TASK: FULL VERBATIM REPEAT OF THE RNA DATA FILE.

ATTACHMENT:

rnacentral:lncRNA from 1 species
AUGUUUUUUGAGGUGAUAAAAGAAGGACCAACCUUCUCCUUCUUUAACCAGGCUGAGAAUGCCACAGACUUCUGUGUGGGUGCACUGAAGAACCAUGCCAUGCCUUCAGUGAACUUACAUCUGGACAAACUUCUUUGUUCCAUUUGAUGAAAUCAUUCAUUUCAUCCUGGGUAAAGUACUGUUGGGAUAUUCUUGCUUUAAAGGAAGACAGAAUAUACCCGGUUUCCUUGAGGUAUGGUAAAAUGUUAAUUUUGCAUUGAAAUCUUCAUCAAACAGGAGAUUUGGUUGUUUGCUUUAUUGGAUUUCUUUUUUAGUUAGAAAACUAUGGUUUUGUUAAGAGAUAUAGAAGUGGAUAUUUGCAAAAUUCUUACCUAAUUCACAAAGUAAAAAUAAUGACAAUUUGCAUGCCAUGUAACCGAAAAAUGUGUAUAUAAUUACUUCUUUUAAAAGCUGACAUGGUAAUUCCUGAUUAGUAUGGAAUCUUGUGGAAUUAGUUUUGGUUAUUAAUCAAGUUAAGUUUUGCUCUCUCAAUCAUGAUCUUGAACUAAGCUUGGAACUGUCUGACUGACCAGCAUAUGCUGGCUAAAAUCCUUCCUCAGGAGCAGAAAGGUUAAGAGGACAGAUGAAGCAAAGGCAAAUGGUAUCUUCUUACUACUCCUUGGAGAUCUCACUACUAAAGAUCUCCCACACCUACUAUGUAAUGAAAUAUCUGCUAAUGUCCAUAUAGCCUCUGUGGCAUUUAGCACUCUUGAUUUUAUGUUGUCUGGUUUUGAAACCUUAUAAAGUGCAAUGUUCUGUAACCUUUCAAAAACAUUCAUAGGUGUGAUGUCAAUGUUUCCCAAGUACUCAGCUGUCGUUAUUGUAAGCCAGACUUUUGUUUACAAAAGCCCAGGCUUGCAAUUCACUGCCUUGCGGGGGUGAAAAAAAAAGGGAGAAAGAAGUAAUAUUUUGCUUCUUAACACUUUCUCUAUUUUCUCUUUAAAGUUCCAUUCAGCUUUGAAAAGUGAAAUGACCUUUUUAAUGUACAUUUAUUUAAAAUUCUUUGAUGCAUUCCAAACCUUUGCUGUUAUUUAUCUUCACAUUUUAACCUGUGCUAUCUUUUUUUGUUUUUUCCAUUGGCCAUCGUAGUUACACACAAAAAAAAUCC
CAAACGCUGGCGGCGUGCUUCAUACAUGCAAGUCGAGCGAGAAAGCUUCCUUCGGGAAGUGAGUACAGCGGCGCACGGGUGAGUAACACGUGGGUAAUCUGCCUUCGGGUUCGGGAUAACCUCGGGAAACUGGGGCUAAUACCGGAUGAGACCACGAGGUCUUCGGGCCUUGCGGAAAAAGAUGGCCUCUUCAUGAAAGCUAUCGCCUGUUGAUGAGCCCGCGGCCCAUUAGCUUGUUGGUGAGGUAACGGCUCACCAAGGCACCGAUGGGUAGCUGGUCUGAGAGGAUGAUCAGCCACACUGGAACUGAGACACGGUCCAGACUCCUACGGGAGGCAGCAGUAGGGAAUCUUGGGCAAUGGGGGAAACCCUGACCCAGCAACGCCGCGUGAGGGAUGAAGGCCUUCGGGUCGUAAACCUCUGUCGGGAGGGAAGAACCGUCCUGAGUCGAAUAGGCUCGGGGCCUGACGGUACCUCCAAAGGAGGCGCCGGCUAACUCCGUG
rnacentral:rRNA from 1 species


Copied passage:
rnacentral:lncRNA from 1 species
AUGUUUUUUGAGGUGAUAAAAGAAGGACCAACCUUCUCCUUCUUUAACCAGGCUGAGAAUGCCACAGACUUCUGUGUGGGUGCACUGAAGAACCAUGCCAUGCCUUCAGUGAACUUACAUCUGGACAAACUUCUUUGUUCCAUUUGAUGAAAUCAUUCAUUUCAUCCUGGGUAAAGUACUGUUGGGAUAUUCUUGCUUUAAAGGAAGACAGAAUAUACCCGGUUUCCUUGAGGUAUGGUAAAAUGUUAAUUUUGCAUUGAAAUCUUCAUCAAACAGGAGAUUUGGUUGUUUGCUUUAUUGGAUUUCUUUUUUAGUUAGAAAACUAUGGUUUUGUUAAGAGAUAUAGAAGUGGAUAUUUGCAAAAUUCUUACCUAAUUCACAAAGUAAAAAUAAUGACAAUUUGCAUGCCAUGUAACCGAAAAAUGUGUAUAUAAUUACUUCUUUUAAAAGCUGACAUGGUAAUUCCUGAUUAGUAUGGAAUCUUGUGGAAUUAGUUUUGGUUAUUAAUCAAGUUAAGUUUUGCUCUCUCAAUCAUGAUCUUGAACUAAGCUUGGAACUGUCUGACUGACCAGCAUAUGCUGGCUAAAAUCCUUCCUCAGGAGCAGAAAGGUUAAGAGGACAGAUGAAGCAAAGGCAAAUGGUAUCUUCUUACUACUCCUUGGAGAUCUCACUACUAAAGAUCUCCCACACCUACUAUGUAAUGAAAUAUCUGCUAAUGUCCAUAUAGCCUCUGUGGCAUUUAGCACUCUUGAUUUUAUGUUGUCUGGUUUUGAAACCUUAUAAAGUGCAAUGUUCUGUAACCUUUCAAAAACAUUCAUAGGUGUGAUGUCAAUGUUUCCCAAGUACUCAGCUGUCGUUAUUGUAAGCCAGACUUUUGUUUACAAAAGCCCAGGCUUGCAAUUCACUGCCUUGCGGGGGUGAAAAAAAAAGGGAGAAAGAAGUAAUAUUUUGCUUCUUAACACUUUCUCUAUUUUCUCUUUAAAGUUCCAUUCAGCUUUGAAAAGUGAAAUGACCUUUUUAAUGUACAUUUAUUUAAAAUUCUUUGAUGCAUUCCAAACCUUUGCUGUUAUUUAUCUUCACAUUUUAACCUGUGCUAUCUUUUUUUGUUUUUUCCAUUGGCCAUCGUAGUUACACACAAAAAAAAUCC
CAAACGCUGGCGGCGUGCUUCAUACAUGCAAGUCGAGCGAGAAAGCUUCCUUCGGGAAGUGAGUACAGCGGCGCACGGGUGAGUAACACGUGGGUAAUCUGCCUUCGGGUUCGGGAUAACCUCGGGAAACUGGGGCUAAUACCGGAUGAGACCACGAGGUCUUCGGGCCUUGCGGAAAAAGAUGGCCUCUUCAUGAAAGCUAUCGCCUGUUGAUGAGCCCGCGGCCCAUUAGCUUGUUGGUGAGGUAACGGCUCACCAAGGCACCGAUGGGUAGCUGGUCUGAGAGGAUGAUCAGCCACACUGGAACUGAGACACGGUCCAGACUCCUACGGGAGGCAGCAGUAGGGAAUCUUGGGCAAUGGGGGAAACCCUGACCCAGCAACGCCGCGUGAGGGAUGAAGGCCUUCGGGUCGUAAACCUCUGUCGGGAGGGAAGAACCGUCCUGAGUCGAAUAGGCUCGGGGCCUGACGGUACCUCCAAAGGAGGCGCCGGCUAACUCCGUG
rnacentral:rRNA from 1 species